An upbeat West Indies coach Stuart Law was full of praise for both teams after a hard-fought battle with Zimbabwe at the Harare Sports Club. Law singled out Brendan Taylor for particular praise, while also calling Jason Holder's 4 for 35 "outstanding", bigging up his middle order, and even finding time to tip his hat to the ground staff for producing a good pitch.
"First of all, hats off to Andy Atkinson and his staff to get a pitch up that made cricket a great spectacle today," Law said. "The boys certainly enjoyed playing on a surface that gave something to everybody. It had pace and bounce, it had a bit of spin, and it was very good to bat on."
West Indies took early wickets after Zimbabwe chose to bat, but Taylor's 138 put the visitors under pressure in the field and at one stage it seemed Zimbabwe would pass 300. "That's one of the best one-day hundreds I've seen," Law said of Taylor's knock. "Total control, very calm. He put the bad ball away and he put the good ball away for ones and twos. Zimbabwe had great fight, as we expected. We had to play well to beat them."
Zimbabwe were well placed for a final push at 226 for 4 after 40 overs, but Holder then removed Sikandar Raza and Solomon Mire, returning to bat at the death after retiring injured earlier in the day, with pinpoint yorkers. With Taylor falling to Kemar Roach, Zimbabwe managed just 63 runs from the last ten overs, losing six wickets.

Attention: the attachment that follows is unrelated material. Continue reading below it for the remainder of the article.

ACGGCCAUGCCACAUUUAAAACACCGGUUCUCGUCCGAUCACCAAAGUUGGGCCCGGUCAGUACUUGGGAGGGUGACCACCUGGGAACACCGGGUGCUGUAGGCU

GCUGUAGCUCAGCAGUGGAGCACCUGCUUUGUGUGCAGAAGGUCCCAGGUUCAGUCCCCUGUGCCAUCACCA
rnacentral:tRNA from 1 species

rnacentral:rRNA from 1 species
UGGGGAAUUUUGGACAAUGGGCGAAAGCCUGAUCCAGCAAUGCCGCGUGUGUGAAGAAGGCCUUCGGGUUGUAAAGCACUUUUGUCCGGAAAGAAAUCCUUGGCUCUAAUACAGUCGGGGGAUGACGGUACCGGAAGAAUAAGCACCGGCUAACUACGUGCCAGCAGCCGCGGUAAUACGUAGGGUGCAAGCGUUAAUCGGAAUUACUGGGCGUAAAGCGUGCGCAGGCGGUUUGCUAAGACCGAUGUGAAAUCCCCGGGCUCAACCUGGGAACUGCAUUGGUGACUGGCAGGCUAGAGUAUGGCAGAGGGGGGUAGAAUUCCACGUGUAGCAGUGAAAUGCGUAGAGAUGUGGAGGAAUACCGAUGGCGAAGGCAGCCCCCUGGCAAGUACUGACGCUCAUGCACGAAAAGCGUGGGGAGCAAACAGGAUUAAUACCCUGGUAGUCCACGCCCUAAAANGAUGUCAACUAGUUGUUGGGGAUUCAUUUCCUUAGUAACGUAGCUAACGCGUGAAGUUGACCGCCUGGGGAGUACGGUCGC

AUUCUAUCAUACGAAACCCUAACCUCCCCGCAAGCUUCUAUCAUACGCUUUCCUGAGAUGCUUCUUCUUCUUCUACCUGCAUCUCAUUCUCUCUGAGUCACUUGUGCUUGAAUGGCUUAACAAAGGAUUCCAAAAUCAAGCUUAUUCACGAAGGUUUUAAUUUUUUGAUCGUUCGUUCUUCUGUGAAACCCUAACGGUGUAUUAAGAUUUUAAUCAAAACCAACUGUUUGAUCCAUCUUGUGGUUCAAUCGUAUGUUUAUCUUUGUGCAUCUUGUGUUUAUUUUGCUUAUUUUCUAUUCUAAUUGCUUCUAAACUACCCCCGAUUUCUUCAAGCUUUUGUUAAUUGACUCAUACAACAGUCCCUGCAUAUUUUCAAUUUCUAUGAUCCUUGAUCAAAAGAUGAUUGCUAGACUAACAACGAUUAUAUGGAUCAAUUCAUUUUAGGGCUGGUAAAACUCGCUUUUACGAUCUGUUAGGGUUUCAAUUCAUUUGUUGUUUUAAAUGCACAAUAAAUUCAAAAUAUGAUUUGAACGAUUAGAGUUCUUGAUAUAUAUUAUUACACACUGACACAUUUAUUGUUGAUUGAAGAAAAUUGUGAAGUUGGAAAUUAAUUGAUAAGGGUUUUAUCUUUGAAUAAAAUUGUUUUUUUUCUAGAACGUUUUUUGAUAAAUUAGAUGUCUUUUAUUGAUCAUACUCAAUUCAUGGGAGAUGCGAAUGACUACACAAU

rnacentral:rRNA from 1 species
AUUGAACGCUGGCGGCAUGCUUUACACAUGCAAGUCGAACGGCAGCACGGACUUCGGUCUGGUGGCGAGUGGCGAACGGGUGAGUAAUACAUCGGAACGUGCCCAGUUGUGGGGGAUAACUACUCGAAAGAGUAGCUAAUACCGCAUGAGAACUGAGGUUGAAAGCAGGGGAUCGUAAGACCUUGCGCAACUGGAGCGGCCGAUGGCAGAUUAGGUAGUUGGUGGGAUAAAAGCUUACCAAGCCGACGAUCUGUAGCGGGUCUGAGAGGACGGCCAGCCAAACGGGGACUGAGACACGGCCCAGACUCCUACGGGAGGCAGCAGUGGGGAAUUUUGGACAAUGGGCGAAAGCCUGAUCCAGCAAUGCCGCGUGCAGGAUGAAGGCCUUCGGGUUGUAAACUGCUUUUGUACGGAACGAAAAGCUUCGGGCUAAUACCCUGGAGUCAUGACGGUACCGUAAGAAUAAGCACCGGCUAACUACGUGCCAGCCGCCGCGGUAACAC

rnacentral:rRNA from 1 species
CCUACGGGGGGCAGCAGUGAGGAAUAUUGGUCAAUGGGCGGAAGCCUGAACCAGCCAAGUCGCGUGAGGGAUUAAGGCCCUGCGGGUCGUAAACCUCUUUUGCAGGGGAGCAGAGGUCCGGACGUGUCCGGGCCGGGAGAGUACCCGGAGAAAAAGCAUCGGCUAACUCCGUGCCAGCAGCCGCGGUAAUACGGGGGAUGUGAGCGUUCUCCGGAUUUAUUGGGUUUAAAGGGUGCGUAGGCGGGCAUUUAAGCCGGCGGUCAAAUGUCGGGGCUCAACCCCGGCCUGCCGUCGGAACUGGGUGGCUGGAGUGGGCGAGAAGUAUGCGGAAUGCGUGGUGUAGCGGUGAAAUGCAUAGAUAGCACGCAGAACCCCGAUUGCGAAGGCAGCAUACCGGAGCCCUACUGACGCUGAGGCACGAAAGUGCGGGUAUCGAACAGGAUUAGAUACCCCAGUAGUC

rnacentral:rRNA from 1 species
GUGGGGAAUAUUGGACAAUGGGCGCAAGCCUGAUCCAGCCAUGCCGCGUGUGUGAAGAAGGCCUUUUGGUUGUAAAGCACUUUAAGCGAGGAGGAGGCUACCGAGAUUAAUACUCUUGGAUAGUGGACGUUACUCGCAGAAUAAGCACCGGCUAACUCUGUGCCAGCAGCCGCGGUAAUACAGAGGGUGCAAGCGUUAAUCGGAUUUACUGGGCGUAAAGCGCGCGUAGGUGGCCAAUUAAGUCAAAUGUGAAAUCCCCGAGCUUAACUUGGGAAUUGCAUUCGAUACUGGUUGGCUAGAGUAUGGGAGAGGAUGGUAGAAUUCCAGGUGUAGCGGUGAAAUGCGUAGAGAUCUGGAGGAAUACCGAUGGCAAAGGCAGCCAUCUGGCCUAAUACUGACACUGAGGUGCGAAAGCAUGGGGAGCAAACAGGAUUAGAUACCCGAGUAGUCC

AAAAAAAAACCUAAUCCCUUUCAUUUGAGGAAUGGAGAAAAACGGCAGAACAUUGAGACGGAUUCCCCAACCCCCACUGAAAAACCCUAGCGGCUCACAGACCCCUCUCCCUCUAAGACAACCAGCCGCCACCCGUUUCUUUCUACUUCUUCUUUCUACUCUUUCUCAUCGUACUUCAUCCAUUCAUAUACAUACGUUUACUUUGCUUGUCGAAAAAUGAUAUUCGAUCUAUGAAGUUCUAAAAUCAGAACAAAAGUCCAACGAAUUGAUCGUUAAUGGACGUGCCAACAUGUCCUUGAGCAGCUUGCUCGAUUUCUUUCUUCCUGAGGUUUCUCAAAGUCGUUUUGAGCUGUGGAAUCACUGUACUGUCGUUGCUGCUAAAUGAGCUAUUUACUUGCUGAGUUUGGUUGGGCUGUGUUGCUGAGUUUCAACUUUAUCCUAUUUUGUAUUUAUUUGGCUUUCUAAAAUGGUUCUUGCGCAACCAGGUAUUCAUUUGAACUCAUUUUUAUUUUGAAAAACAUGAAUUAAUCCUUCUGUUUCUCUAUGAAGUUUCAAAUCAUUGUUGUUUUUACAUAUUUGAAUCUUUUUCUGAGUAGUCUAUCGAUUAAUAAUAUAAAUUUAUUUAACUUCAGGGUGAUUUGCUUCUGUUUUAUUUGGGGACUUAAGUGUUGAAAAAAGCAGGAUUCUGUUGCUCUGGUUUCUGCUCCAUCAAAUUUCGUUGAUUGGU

"Jason Holder, for the whole game, was outstanding," Law said . "To only go for 35 runs in his 10, with a total of 290, is outstanding. And also picking up four wickets. At one stage, with Brendan Taylor there, Zimbabwe looked like getting 320, 330, 340. Our fielding was very good as well. The energy we showed was outstanding."
West Indies lost Chris Gayle early in their chase, but Shai Hope and Evin Lewis ensured no further wobbles with a 72-run stand. When Lewis fell for 64, Hope was joined by Marlon Samuels, and they put West Indies well on top with a 135-run partnership. Zimbabwe surged once more in the closing moments of the match, taking four wickets in 12 deliveries, but Rovman Powell ended their fightback with a vital six in the second last over.
"Our plan was not to lose too many wickets up front, and to have wickets at the back end so we could attack," Law said. "Marlon Samuels and Shai Hope played a brilliant partnership. It would have been nice if one of them had been there at the end to cap off a great day. We lost a few wickets towards the back end, which was a bit of kamikaze cricket at times. If it comes off it looks great. We were lucky to have two cool heads at the end there, Rovman Powell and Ashley Nurse, to see us over the line."
West Indies' victory means they still have a strong chance of making Sunday's final. A win over Scotland on Wednesday would guarantee their spot, but Law also suggested that Associate nations such as Scotland are no longer the pushovers they may once have been.
"We can't take anyone lightly in this competition, I think everyone sees that. People sitting on the outside expecting teams to just roll over and die, those days are gone. If you take Marlon and Chris Gayle out of our team, we're probably one of the most inexperienced sides here, in terms of number of games. Our guys are young and they're still learning. We've got a little bit to work on."